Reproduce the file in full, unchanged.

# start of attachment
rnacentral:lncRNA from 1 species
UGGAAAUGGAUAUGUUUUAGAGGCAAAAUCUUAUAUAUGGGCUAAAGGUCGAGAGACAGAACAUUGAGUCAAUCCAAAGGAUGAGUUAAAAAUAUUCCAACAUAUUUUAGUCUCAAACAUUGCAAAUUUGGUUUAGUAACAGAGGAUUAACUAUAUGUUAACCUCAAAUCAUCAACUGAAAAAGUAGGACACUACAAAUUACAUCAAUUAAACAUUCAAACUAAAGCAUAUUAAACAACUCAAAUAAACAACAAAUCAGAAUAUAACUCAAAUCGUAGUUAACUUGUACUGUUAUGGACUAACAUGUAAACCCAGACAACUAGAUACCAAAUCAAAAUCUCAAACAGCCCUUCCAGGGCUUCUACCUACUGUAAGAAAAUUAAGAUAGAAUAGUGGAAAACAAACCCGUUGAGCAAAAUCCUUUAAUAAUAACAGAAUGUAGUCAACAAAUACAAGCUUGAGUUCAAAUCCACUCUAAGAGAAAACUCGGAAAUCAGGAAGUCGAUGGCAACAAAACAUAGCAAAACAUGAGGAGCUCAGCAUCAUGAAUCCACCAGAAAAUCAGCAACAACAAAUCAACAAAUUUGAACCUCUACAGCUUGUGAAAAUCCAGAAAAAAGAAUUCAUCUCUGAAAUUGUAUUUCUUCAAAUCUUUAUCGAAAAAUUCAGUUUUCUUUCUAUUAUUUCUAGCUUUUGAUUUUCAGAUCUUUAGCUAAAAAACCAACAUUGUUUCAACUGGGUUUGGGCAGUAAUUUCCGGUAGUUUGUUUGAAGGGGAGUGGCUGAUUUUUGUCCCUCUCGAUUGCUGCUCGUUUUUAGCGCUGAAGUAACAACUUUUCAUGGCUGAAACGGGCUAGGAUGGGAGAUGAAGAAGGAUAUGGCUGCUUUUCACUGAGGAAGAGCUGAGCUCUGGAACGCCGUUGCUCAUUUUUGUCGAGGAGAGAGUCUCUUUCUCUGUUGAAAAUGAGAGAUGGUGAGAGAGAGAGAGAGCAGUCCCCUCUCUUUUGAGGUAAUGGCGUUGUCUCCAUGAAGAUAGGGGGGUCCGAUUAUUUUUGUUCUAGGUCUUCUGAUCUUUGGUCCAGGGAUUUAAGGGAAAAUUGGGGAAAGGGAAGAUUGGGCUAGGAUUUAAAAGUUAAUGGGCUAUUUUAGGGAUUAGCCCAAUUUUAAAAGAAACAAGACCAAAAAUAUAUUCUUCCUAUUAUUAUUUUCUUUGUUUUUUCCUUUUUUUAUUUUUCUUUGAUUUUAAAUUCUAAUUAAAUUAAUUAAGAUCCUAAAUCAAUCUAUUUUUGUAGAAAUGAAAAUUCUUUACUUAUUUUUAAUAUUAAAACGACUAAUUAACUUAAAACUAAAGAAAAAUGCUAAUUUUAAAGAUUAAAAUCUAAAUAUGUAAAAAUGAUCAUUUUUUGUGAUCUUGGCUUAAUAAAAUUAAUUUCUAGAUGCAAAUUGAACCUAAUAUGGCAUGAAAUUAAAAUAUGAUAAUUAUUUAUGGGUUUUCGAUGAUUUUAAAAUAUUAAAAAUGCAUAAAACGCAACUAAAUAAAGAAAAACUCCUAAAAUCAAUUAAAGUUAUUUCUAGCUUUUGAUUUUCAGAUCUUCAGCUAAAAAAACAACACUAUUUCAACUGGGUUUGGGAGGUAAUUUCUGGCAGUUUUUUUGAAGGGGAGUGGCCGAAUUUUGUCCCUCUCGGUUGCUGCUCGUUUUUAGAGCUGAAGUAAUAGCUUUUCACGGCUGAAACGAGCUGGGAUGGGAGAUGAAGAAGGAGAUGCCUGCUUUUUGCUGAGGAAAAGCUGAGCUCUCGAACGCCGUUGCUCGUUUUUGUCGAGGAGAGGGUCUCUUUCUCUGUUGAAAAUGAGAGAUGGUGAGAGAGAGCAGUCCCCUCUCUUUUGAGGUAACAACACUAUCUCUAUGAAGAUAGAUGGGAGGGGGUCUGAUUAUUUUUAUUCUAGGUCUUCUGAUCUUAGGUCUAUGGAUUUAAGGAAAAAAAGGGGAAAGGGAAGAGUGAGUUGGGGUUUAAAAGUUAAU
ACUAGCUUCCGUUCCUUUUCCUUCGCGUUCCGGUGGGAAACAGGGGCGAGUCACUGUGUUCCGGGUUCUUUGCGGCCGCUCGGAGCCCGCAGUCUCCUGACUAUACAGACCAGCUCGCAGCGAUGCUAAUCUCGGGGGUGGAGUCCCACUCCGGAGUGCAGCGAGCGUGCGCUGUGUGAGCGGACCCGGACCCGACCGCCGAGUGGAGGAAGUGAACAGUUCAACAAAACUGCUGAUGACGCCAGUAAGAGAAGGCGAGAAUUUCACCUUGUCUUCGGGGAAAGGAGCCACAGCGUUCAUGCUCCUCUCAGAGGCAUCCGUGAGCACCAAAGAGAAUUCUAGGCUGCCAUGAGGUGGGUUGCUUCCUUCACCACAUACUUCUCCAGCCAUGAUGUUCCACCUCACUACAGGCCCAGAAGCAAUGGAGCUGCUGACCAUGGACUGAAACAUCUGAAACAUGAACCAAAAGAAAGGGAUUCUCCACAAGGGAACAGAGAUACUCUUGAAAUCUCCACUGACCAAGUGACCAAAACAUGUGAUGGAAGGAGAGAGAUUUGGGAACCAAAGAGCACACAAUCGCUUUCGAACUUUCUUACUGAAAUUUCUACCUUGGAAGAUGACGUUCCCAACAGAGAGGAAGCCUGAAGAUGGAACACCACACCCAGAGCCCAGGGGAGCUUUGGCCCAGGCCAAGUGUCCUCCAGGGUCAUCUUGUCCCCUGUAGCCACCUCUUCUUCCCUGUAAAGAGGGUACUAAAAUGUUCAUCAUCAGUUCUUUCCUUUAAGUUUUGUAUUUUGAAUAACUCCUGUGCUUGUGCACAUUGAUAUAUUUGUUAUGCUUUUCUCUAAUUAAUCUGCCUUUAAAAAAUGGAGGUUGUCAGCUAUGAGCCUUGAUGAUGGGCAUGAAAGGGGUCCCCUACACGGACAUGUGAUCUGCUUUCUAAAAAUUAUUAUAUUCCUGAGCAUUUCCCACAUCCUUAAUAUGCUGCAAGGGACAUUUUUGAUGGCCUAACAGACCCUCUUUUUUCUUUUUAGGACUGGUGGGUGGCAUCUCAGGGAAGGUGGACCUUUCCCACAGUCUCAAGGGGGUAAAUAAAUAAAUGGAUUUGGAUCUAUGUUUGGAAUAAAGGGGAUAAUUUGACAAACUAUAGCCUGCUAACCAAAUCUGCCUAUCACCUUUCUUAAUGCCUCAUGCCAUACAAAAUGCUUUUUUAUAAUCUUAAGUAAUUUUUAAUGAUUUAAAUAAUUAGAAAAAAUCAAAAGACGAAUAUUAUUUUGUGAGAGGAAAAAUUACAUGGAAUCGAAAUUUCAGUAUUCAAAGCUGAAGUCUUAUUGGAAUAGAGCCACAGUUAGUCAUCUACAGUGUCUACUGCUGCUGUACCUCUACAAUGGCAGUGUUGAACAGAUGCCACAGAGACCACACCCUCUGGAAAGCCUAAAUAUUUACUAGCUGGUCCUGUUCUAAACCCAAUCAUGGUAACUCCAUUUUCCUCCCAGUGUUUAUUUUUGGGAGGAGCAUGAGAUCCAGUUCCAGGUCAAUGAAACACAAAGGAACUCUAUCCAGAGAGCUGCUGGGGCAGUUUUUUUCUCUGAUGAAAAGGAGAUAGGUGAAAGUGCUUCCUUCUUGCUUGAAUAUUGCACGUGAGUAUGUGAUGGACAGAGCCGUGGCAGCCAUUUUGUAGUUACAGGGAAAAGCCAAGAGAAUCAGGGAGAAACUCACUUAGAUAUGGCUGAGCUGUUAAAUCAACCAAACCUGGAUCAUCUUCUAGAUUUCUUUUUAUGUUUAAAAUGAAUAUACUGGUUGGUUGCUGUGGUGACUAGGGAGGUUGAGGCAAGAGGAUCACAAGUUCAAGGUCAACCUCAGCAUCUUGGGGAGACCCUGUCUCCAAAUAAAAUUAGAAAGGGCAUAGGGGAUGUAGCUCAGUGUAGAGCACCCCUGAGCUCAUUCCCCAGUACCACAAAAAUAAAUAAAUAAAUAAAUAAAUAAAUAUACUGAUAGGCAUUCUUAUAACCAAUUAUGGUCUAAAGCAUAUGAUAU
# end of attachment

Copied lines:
rnacentral:lncRNA from 1 species
UGGAAAUGGAUAUGUUUUAGAGGCAAAAUCUUAUAUAUGGGCUAAAGGUCGAGAGACAGAACAUUGAGUCAAUCCAAAGGAUGAGUUAAAAAUAUUCCAACAUAUUUUAGUCUCAAACAUUGCAAAUUUGGUUUAGUAACAGAGGAUUAACUAUAUGUUAACCUCAAAUCAUCAACUGAAAAAGUAGGACACUACAAAUUACAUCAAUUAAACAUUCAAACUAAAGCAUAUUAAACAACUCAAAUAAACAACAAAUCAGAAUAUAACUCAAAUCGUAGUUAACUUGUACUGUUAUGGACUAACAUGUAAACCCAGACAACUAGAUACCAAAUCAAAAUCUCAAACAGCCCUUCCAGGGCUUCUACCUACUGUAAGAAAAUUAAGAUAGAAUAGUGGAAAACAAACCCGUUGAGCAAAAUCCUUUAAUAAUAACAGAAUGUAGUCAACAAAUACAAGCUUGAGUUCAAAUCCACUCUAAGAGAAAACUCGGAAAUCAGGAAGUCGAUGGCAACAAAACAUAGCAAAACAUGAGGAGCUCAGCAUCAUGAAUCCACCAGAAAAUCAGCAACAACAAAUCAACAAAUUUGAACCUCUACAGCUUGUGAAAAUCCAGAAAAAAGAAUUCAUCUCUGAAAUUGUAUUUCUUCAAAUCUUUAUCGAAAAAUUCAGUUUUCUUUCUAUUAUUUCUAGCUUUUGAUUUUCAGAUCUUUAGCUAAAAAACCAACAUUGUUUCAACUGGGUUUGGGCAGUAAUUUCCGGUAGUUUGUUUGAAGGGGAGUGGCUGAUUUUUGUCCCUCUCGAUUGCUGCUCGUUUUUAGCGCUGAAGUAACAACUUUUCAUGGCUGAAACGGGCUAGGAUGGGAGAUGAAGAAGGAUAUGGCUGCUUUUCACUGAGGAAGAGCUGAGCUCUGGAACGCCGUUGCUCAUUUUUGUCGAGGAGAGAGUCUCUUUCUCUGUUGAAAAUGAGAGAUGGUGAGAGAGAGAGAGAGCAGUCCCCUCUCUUUUGAGGUAAUGGCGUUGUCUCCAUGAAGAUAGGGGGGUCCGAUUAUUUUUGUUCUAGGUCUUCUGAUCUUUGGUCCAGGGAUUUAAGGGAAAAUUGGGGAAAGGGAAGAUUGGGCUAGGAUUUAAAAGUUAAUGGGCUAUUUUAGGGAUUAGCCCAAUUUUAAAAGAAACAAGACCAAAAAUAUAUUCUUCCUAUUAUUAUUUUCUUUGUUUUUUCCUUUUUUUAUUUUUCUUUGAUUUUAAAUUCUAAUUAAAUUAAUUAAGAUCCUAAAUCAAUCUAUUUUUGUAGAAAUGAAAAUUCUUUACUUAUUUUUAAUAUUAAAACGACUAAUUAACUUAAAACUAAAGAAAAAUGCUAAUUUUAAAGAUUAAAAUCUAAAUAUGUAAAAAUGAUCAUUUUUUGUGAUCUUGGCUUAAUAAAAUUAAUUUCUAGAUGCAAAUUGAACCUAAUAUGGCAUGAAAUUAAAAUAUGAUAAUUAUUUAUGGGUUUUCGAUGAUUUUAAAAUAUUAAAAAUGCAUAAAACGCAACUAAAUAAAGAAAAACUCCUAAAAUCAAUUAAAGUUAUUUCUAGCUUUUGAUUUUCAGAUCUUCAGCUAAAAAAACAACACUAUUUCAACUGGGUUUGGGAGGUAAUUUCUGGCAGUUUUUUUGAAGGGGAGUGGCCGAAUUUUGUCCCUCUCGGUUGCUGCUCGUUUUUAGAGCUGAAGUAAUAGCUUUUCACGGCUGAAACGAGCUGGGAUGGGAGAUGAAGAAGGAGAUGCCUGCUUUUUGCUGAGGAAAAGCUGAGCUCUCGAACGCCGUUGCUCGUUUUUGUCGAGGAGAGGGUCUCUUUCUCUGUUGAAAAUGAGAGAUGGUGAGAGAGAGCAGUCCCCUCUCUUUUGAGGUAACAACACUAUCUCUAUGAAGAUAGAUGGGAGGGGGUCUGAUUAUUUUUAUUCUAGGUCUUCUGAUCUUAGGUCUAUGGAUUUAAGGAAAAAAAGGGGAAAGGGAAGAGUGAGUUGGGGUUUAAAAGUUAAU
ACUAGCUUCCGUUCCUUUUCCUUCGCGUUCCGGUGGGAAACAGGGGCGAGUCACUGUGUUCCGGGUUCUUUGCGGCCGCUCGGAGCCCGCAGUCUCCUGACUAUACAGACCAGCUCGCAGCGAUGCUAAUCUCGGGGGUGGAGUCCCACUCCGGAGUGCAGCGAGCGUGCGCUGUGUGAGCGGACCCGGACCCGACCGCCGAGUGGAGGAAGUGAACAGUUCAACAAAACUGCUGAUGACGCCAGUAAGAGAAGGCGAGAAUUUCACCUUGUCUUCGGGGAAAGGAGCCACAGCGUUCAUGCUCCUCUCAGAGGCAUCCGUGAGCACCAAAGAGAAUUCUAGGCUGCCAUGAGGUGGGUUGCUUCCUUCACCACAUACUUCUCCAGCCAUGAUGUUCCACCUCACUACAGGCCCAGAAGCAAUGGAGCUGCUGACCAUGGACUGAAACAUCUGAAACAUGAACCAAAAGAAAGGGAUUCUCCACAAGGGAACAGAGAUACUCUUGAAAUCUCCACUGACCAAGUGACCAAAACAUGUGAUGGAAGGAGAGAGAUUUGGGAACCAAAGAGCACACAAUCGCUUUCGAACUUUCUUACUGAAAUUUCUACCUUGGAAGAUGACGUUCCCAACAGAGAGGAAGCCUGAAGAUGGAACACCACACCCAGAGCCCAGGGGAGCUUUGGCCCAGGCCAAGUGUCCUCCAGGGUCAUCUUGUCCCCUGUAGCCACCUCUUCUUCCCUGUAAAGAGGGUACUAAAAUGUUCAUCAUCAGUUCUUUCCUUUAAGUUUUGUAUUUUGAAUAACUCCUGUGCUUGUGCACAUUGAUAUAUUUGUUAUGCUUUUCUCUAAUUAAUCUGCCUUUAAAAAAUGGAGGUUGUCAGCUAUGAGCCUUGAUGAUGGGCAUGAAAGGGGUCCCCUACACGGACAUGUGAUCUGCUUUCUAAAAAUUAUUAUAUUCCUGAGCAUUUCCCACAUCCUUAAUAUGCUGCAAGGGACAUUUUUGAUGGCCUAACAGACCCUCUUUUUUCUUUUUAGGACUGGUGGGUGGCAUCUCAGGGAAGGUGGACCUUUCCCACAGUCUCAAGGGGGUAAAUAAAUAAAUGGAUUUGGAUCUAUGUUUGGAAUAAAGGGGAUAAUUUGACAAACUAUAGCCUGCUAACCAAAUCUGCCUAUCACCUUUCUUAAUGCCUCAUGCCAUACAAAAUGCUUUUUUAUAAUCUUAAGUAAUUUUUAAUGAUUUAAAUAAUUAGAAAAAAUCAAAAGACGAAUAUUAUUUUGUGAGAGGAAAAAUUACAUGGAAUCGAAAUUUCAGUAUUCAAAGCUGAAGUCUUAUUGGAAUAGAGCCACAGUUAGUCAUCUACAGUGUCUACUGCUGCUGUACCUCUACAAUGGCAGUGUUGAACAGAUGCCACAGAGACCACACCCUCUGGAAAGCCUAAAUAUUUACUAGCUGGUCCUGUUCUAAACCCAAUCAUGGUAACUCCAUUUUCCUCCCAGUGUUUAUUUUUGGGAGGAGCAUGAGAUCCAGUUCCAGGUCAAUGAAACACAAAGGAACUCUAUCCAGAGAGCUGCUGGGGCAGUUUUUUUCUCUGAUGAAAAGGAGAUAGGUGAAAGUGCUUCCUUCUUGCUUGAAUAUUGCACGUGAGUAUGUGAUGGACAGAGCCGUGGCAGCCAUUUUGUAGUUACAGGGAAAAGCCAAGAGAAUCAGGGAGAAACUCACUUAGAUAUGGCUGAGCUGUUAAAUCAACCAAACCUGGAUCAUCUUCUAGAUUUCUUUUUAUGUUUAAAAUGAAUAUACUGGUUGGUUGCUGUGGUGACUAGGGAGGUUGAGGCAAGAGGAUCACAAGUUCAAGGUCAACCUCAGCAUCUUGGGGAGACCCUGUCUCCAAAUAAAAUUAGAAAGGGCAUAGGGGAUGUAGCUCAGUGUAGAGCACCCCUGAGCUCAUUCCCCAGUACCACAAAAAUAAAUAAAUAAAUAAAUAAAUAAAUAUACUGAUAGGCAUUCUUAUAACCAAUUAUGGUCUAAAGCAUAUGAUAU